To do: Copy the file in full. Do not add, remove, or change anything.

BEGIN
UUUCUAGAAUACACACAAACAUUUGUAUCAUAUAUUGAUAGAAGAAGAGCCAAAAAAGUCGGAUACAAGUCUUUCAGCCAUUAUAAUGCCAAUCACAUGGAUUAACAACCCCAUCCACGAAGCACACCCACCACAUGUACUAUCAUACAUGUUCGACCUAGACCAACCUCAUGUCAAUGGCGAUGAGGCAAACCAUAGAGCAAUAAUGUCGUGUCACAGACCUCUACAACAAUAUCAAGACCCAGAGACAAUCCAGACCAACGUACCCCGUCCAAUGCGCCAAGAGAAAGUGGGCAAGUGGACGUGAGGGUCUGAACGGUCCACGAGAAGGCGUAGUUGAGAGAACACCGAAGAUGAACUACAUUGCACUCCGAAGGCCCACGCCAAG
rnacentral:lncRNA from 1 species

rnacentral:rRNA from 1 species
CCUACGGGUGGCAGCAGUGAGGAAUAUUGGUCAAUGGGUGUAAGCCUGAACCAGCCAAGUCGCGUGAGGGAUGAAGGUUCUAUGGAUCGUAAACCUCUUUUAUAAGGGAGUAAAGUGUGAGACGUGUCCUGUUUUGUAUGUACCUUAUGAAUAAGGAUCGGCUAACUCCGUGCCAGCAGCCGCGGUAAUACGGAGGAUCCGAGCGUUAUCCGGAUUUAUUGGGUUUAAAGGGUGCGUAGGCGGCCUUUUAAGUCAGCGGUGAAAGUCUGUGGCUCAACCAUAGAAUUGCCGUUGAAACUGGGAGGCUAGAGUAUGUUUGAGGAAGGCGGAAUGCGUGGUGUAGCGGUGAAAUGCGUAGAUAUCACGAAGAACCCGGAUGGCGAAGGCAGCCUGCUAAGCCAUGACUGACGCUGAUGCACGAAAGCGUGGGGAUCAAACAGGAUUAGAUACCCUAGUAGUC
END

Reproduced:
UUUCUAGAAUACACACAAACAUUUGUAUCAUAUAUUGAUAGAAGAAGAGCCAAAAAAGUCGGAUACAAGUCUUUCAGCCAUUAUAAUGCCAAUCACAUGGAUUAACAACCCCAUCCACGAAGCACACCCACCACAUGUACUAUCAUACAUGUUCGACCUAGACCAACCUCAUGUCAAUGGCGAUGAGGCAAACCAUAGAGCAAUAAUGUCGUGUCACAGACCUCUACAACAAUAUCAAGACCCAGAGACAAUCCAGACCAACGUACCCCGUCCAAUGCGCCAAGAGAAAGUGGGCAAGUGGACGUGAGGGUCUGAACGGUCCACGAGAAGGCGUAGUUGAGAGAACACCGAAGAUGAACUACAUUGCACUCCGAAGGCCCACGCCAAG
rnacentral:lncRNA from 1 species

rnacentral:rRNA from 1 species
CCUACGGGUGGCAGCAGUGAGGAAUAUUGGUCAAUGGGUGUAAGCCUGAACCAGCCAAGUCGCGUGAGGGAUGAAGGUUCUAUGGAUCGUAAACCUCUUUUAUAAGGGAGUAAAGUGUGAGACGUGUCCUGUUUUGUAUGUACCUUAUGAAUAAGGAUCGGCUAACUCCGUGCCAGCAGCCGCGGUAAUACGGAGGAUCCGAGCGUUAUCCGGAUUUAUUGGGUUUAAAGGGUGCGUAGGCGGCCUUUUAAGUCAGCGGUGAAAGUCUGUGGCUCAACCAUAGAAUUGCCGUUGAAACUGGGAGGCUAGAGUAUGUUUGAGGAAGGCGGAAUGCGUGGUGUAGCGGUGAAAUGCGUAGAUAUCACGAAGAACCCGGAUGGCGAAGGCAGCCUGCUAAGCCAUGACUGACGCUGAUGCACGAAAGCGUGGGGAUCAAACAGGAUUAGAUACCCUAGUAGUC